Monday’s SanFran MusicTech Summit featured a host of informative panels dealing with the ways technology is transforming the music industry. One thread concerned how music companies are using the so-called “Semantic Web,” the field of web data from which actual meaning can be derived through analysis and machine learning. Most prominently, recommendation engines, messaging startups, marketing organizations and data reporting agencies are all using the Semantic Web to improve their understanding of both music content and artist reputations, improving the knowledge base of an industry known for traditionally poor market research and analysis.
Two startups that presented during an afternoon demo session have deep roots in the Semantic Web. Boston’s The Echo Nest touted its “music brain,” a recommendation platform that draws on both sonic analysis and text mentions around the web, including sentiment analysis, while Atlanta-based Band Metrics said it draws on social networking content, blog mentions, YouTube play counts and other information to gauge the popularity of artists and report on their reputations in real time. (Both also made announcements: The former will be used to power European streaming music site Spotify, while the latter introduced new formatting standards for social networks to report data.)
Elsewhere at the event, discussions hinted at the importance of the Semantic Web, if they didn’t always acknowledge it overtly. According to a morning panel, sentiment analysis — the form of natural language processing that assigns positive or negative attributes to a statement — can prove useful to a record label, music marketer or consumer brand looking to gauge listeners’ interest or feelings about an artist. A late-afternoon panel suggested that traditional recommendation engines, which have typically been built by editorial experts or used collaborative filtering, can be improved by harvesting relevant data from a massive river of unstructured information, helping to prevent the engines from being gamed by hackers or misled by feedback loops.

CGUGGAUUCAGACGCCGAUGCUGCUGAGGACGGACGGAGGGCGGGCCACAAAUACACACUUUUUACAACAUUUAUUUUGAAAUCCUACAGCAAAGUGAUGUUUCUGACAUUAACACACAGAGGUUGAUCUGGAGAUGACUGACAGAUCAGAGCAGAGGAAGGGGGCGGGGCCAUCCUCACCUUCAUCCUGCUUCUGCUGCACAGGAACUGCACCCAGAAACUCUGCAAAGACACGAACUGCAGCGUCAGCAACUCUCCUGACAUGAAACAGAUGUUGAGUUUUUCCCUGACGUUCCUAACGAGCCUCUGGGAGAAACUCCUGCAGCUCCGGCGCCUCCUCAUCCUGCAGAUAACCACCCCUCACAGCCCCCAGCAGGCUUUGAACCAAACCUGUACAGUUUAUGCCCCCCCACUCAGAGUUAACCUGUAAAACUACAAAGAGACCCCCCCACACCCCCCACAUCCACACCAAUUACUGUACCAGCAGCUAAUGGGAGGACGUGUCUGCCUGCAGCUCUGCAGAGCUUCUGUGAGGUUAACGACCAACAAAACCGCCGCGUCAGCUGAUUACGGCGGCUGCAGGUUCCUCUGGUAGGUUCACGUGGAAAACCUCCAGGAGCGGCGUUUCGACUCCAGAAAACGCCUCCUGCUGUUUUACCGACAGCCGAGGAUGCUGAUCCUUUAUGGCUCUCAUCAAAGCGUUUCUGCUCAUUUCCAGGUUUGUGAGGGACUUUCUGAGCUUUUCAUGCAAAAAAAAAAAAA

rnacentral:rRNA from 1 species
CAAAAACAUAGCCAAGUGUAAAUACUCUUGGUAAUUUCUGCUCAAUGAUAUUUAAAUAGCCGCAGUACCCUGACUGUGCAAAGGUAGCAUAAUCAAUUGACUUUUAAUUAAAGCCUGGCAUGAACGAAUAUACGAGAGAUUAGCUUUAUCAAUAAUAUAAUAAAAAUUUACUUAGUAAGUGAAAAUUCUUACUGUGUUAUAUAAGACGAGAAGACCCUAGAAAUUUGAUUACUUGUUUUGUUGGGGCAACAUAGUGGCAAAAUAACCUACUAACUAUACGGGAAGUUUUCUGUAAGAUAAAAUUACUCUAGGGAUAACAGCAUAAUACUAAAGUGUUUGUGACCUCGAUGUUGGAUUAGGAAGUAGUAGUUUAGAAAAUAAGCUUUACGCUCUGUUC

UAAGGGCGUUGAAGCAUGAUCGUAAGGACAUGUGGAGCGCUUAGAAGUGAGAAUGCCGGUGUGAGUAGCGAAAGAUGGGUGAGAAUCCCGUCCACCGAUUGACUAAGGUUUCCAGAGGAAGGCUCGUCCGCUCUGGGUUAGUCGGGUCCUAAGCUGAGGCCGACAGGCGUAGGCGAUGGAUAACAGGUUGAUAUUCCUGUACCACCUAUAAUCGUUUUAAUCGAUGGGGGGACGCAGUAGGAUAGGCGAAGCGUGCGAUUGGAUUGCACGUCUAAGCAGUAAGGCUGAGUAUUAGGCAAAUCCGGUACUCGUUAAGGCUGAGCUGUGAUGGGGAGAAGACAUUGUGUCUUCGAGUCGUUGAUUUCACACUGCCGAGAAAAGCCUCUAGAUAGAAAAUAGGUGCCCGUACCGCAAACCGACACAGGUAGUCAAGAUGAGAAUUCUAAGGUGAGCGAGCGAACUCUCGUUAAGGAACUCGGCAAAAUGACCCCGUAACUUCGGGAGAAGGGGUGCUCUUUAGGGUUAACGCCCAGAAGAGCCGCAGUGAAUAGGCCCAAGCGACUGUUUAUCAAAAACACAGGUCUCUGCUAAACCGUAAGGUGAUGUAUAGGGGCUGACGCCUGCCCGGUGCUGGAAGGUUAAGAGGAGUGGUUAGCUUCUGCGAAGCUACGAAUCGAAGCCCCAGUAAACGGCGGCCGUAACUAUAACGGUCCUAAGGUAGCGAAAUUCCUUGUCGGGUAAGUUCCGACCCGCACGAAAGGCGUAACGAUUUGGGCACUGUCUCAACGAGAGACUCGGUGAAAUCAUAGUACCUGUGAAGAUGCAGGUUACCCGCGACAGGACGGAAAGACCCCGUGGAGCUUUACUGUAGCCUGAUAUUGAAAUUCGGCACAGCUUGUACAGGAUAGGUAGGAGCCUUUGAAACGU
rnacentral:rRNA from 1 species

Innovators in the field are positioned to capitalize on the continuing trends toward a more even balance between the web’s read and write functions, more disaggregated content and more self-published social objects that must be searched to be understood fully. The information they gather can potentially be used to empower worthwhile lesser-known artists by helping them reach new audiences, deliver better targeted advertising, and save record labels and consumer brands a lot of money and trouble in the event that an icon’s reputation suddenly turns sour. Analysis of trending subject matter can even be used as a predictive engine. And while a game-changing company that turns the music industry on its ear may have yet to emerge, the appearance of startups using the Semantic Web points the way toward a smarter industry in the future, one that learns how to read the tea leaves hidden in web data for its benefit.